ForclosureGate (circa 2010 forward): Widespread mortgage fraud as a result of an unregulated, rigged housing market guaranteed to create a collapse and waves of foreclosures, all of which leads to major hardship for homeowners and their families.
(Washington, DC) Wall Street created the subprime mortgage crisis leading to the 2008 financial meltdown and ongoing recession. That cost trillions in homeowner net worth, near depression era unemployment levels, and a relentless struggle for the people. As a reward for their greed and incompetence, the authors of the financial crisis got trillions in Federal subsidies to stay afloat, receive huge bonuses, and plot to do it all over again. Goldman alumnus and foreclosure machine maestro Steven Mnuchin is set to usher in a new golden era for Wall Street greed as Donald Trump’s Secretary of the Treasury. (Image)
Donald J. Trump is the first major party candidate to run for president of the United States using populist rhetoric since William Jennings Bryan in 1896. Just enough of the public craved payback for 2008 financial meltdown to give billionaire populist Trump the edge in that anachronism known as the Electoral College.
Trump repeatedly promised to drain the swamp in the nation’s capital and remove insiders, special interests, and the usual suspects that serve themselves so well at the expense of the people. Who better to target than perennial Washington insiders, the Wall Street investment-banking firm of Goldman Sachs, believed by many to be one of the key authors of the 2008 financial meltdown? In Trump’s campaign for the Republican nomination, he excoriated Ted Cruz for his ties to Goldman:
"He forgot to say that Goldman Sachs gave him money. He forgot to say that Citibank gave him money. OK? Because he's the man of the people, he's Robin Hood, right? He doesn't want you to know that he borrowed from Goldman Sachs because let me tell you -- Goldman Sachs has him."
During the general election Trump made it clear that "the guys at Goldman Sachs have total control over Hillary Clinton."
But alas, Trump just named Goldman Sachs alumnus Steven Mnuchin as our next Treasury Secretary.
Even before assuming office, Trump’s swamp draining allowed Mnuchin to crawl out and take charge of the most important government department impacting the financial well being of we the people, the same Treasury Department conceived of and first led by Alexander Hamilton from 1789 to 1795.
Is Trump going back on his words?
Of course he is! Trump never meant a word of what he said when he attacked Goldman Sachs, Citibank, and the oligarch class. Trump is a made member of the oligarch cabal. President Barack Obama tipped his hand before he assumed office by naming his good friend, Wall Street insider, and friend of Goldman Goldman Timothy Geithner as Treasury Secretary. Trump just laid his cards out, face up, right in the middle of the table by appointing Mnuchin.
Steven Mnuchin was Trump’s chief fundraiser during the presidential campaign. Mnuchin was with Goldman Sachs for over 17 years. After Goldman, he put together a purchase of the failed IndyBank during the financial meltdown. Mnuchin used that position to foreclose on tens of thousands of homes. Andrew Prokop in VOX summed it up artfully in a headline: Steven Mnuchin: Trump's Treasury secretary pick is a banker with no known qualifications or views .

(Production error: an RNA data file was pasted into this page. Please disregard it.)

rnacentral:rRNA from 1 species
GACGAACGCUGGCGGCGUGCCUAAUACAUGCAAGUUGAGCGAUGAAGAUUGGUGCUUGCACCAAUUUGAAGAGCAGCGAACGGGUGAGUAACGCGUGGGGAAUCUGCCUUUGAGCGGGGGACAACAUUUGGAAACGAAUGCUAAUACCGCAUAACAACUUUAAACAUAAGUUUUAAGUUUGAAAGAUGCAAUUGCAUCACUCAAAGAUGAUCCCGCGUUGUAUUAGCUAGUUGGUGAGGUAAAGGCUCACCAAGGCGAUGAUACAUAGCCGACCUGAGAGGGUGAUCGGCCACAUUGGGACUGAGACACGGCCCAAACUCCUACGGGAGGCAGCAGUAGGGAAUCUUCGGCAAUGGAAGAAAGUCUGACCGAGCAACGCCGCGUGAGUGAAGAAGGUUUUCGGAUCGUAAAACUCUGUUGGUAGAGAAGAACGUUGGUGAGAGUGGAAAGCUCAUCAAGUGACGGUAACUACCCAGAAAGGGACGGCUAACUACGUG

What’s the motivation for the Mnuchin appointment? ForeclosureGate II
Well Street investment banks pulled off the biggest theft in the history of this country as a result of the 2008 financial meltdown, a crisis that these very same investment banks helped create. Irresponsible lenders made a huge market for subprime loans (top 25 list), mortgage financing for home purchases by people with marginal to poor credit. Wall Street invented a financial product called derivatives in which these subprime loans were bundled and sold as high quality investments to large investors including many retirement funds.
The underlying premise was as simple as it was absurd: bundles of home mortgages given to people with marginal to poor credit represented a good risk for investors. Derivatives were sold again and again all over the world. Perversely, the active market for these products created by smart guy investment firms gave false credence to the underlying quality of the loans.
Goldman Sachs knew that the loans were bad risks and the firm got out of the market it had helped to create just before the financial meltdown in 2008.
In September 2008, we were told that the entire financial system was teetering, near collapse. Then Bush Secretary of the Treasury Henry Paulson, a former Goldman Sachs executive, began a financial bailout process that ended up totaling $14.4 trillion including all Treasury and Federal Reserve programs. (It Takes a Pillage, Naomi Prins)
Wall Street made tens of billions on the subprime loans and the lucrative derivatives market. When the market collapsed, Wall Street got trillions of dollars in government support because these firms were so vital to the economy. All the while, homeowners saw 40% to 60% of their home equity disappear. Federal Reserve data showed that “U.S. household wealth fell by about $16.4 trillion of net worth from its peak in spring 2007, about six months before the start of the recession, to when things hit bottom in the first quarter of 2009.” Millions of families lost their homes to foreclosures during the post collapse period starting at the end of 2008. Many more labored, some to this day, with mortgages well in excess of their home values, literally under water to their loan.